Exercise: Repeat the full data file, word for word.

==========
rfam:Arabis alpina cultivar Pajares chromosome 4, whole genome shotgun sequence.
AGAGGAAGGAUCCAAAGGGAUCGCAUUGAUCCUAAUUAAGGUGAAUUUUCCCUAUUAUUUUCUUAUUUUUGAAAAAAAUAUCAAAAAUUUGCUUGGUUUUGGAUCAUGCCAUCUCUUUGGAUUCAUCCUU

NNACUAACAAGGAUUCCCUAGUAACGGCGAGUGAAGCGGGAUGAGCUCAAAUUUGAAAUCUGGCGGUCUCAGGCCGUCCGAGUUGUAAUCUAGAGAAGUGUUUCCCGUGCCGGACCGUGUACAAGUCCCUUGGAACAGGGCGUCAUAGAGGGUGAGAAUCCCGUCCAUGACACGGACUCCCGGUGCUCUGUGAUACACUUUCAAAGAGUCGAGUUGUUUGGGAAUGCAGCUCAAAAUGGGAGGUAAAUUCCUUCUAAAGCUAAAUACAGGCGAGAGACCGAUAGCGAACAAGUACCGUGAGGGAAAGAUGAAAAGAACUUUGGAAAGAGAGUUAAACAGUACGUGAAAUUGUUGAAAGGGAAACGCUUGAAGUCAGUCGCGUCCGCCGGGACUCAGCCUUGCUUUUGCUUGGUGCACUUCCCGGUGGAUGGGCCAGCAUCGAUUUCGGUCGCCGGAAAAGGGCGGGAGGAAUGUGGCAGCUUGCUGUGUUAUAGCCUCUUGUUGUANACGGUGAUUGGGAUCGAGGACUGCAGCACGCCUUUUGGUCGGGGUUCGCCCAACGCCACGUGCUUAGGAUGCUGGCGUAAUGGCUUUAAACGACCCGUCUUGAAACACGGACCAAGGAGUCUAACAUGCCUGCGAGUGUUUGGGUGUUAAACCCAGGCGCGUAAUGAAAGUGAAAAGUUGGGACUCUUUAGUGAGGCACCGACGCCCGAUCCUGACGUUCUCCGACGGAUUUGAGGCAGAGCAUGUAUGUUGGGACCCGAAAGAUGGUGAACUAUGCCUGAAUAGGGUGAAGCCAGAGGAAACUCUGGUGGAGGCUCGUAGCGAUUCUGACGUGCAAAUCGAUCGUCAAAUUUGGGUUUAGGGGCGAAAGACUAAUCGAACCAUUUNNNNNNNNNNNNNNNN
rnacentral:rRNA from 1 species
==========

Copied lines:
rfam:Arabis alpina cultivar Pajares chromosome 4, whole genome shotgun sequence.
AGAGGAAGGAUCCAAAGGGAUCGCAUUGAUCCUAAUUAAGGUGAAUUUUCCCUAUUAUUUUCUUAUUUUUGAAAAAAAUAUCAAAAAUUUGCUUGGUUUUGGAUCAUGCCAUCUCUUUGGAUUCAUCCUU

NNACUAACAAGGAUUCCCUAGUAACGGCGAGUGAAGCGGGAUGAGCUCAAAUUUGAAAUCUGGCGGUCUCAGGCCGUCCGAGUUGUAAUCUAGAGAAGUGUUUCCCGUGCCGGACCGUGUACAAGUCCCUUGGAACAGGGCGUCAUAGAGGGUGAGAAUCCCGUCCAUGACACGGACUCCCGGUGCUCUGUGAUACACUUUCAAAGAGUCGAGUUGUUUGGGAAUGCAGCUCAAAAUGGGAGGUAAAUUCCUUCUAAAGCUAAAUACAGGCGAGAGACCGAUAGCGAACAAGUACCGUGAGGGAAAGAUGAAAAGAACUUUGGAAAGAGAGUUAAACAGUACGUGAAAUUGUUGAAAGGGAAACGCUUGAAGUCAGUCGCGUCCGCCGGGACUCAGCCUUGCUUUUGCUUGGUGCACUUCCCGGUGGAUGGGCCAGCAUCGAUUUCGGUCGCCGGAAAAGGGCGGGAGGAAUGUGGCAGCUUGCUGUGUUAUAGCCUCUUGUUGUANACGGUGAUUGGGAUCGAGGACUGCAGCACGCCUUUUGGUCGGGGUUCGCCCAACGCCACGUGCUUAGGAUGCUGGCGUAAUGGCUUUAAACGACCCGUCUUGAAACACGGACCAAGGAGUCUAACAUGCCUGCGAGUGUUUGGGUGUUAAACCCAGGCGCGUAAUGAAAGUGAAAAGUUGGGACUCUUUAGUGAGGCACCGACGCCCGAUCCUGACGUUCUCCGACGGAUUUGAGGCAGAGCAUGUAUGUUGGGACCCGAAAGAUGGUGAACUAUGCCUGAAUAGGGUGAAGCCAGAGGAAACUCUGGUGGAGGCUCGUAGCGAUUCUGACGUGCAAAUCGAUCGUCAAAUUUGGGUUUAGGGGCGAAAGACUAAUCGAACCAUUUNNNNNNNNNNNNNNNN
rnacentral:rRNA from 1 species